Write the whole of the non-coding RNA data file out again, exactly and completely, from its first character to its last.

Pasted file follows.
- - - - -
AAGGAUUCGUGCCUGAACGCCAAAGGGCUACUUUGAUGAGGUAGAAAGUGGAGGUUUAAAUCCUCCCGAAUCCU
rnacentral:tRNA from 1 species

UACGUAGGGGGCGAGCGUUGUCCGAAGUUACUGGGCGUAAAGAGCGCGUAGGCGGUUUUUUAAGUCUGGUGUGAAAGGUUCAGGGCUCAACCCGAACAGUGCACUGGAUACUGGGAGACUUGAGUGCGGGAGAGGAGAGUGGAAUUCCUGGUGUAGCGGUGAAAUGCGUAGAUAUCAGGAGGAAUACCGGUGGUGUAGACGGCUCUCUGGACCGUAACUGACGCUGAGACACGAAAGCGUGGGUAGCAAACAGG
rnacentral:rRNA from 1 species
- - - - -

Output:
AAGGAUUCGUGCCUGAACGCCAAAGGGCUACUUUGAUGAGGUAGAAAGUGGAGGUUUAAAUCCUCCCGAAUCCU
rnacentral:tRNA from 1 species

UACGUAGGGGGCGAGCGUUGUCCGAAGUUACUGGGCGUAAAGAGCGCGUAGGCGGUUUUUUAAGUCUGGUGUGAAAGGUUCAGGGCUCAACCCGAACAGUGCACUGGAUACUGGGAGACUUGAGUGCGGGAGAGGAGAGUGGAAUUCCUGGUGUAGCGGUGAAAUGCGUAGAUAUCAGGAGGAAUACCGGUGGUGUAGACGGCUCUCUGGACCGUAACUGACGCUGAGACACGAAAGCGUGGGUAGCAAACAGG
rnacentral:rRNA from 1 species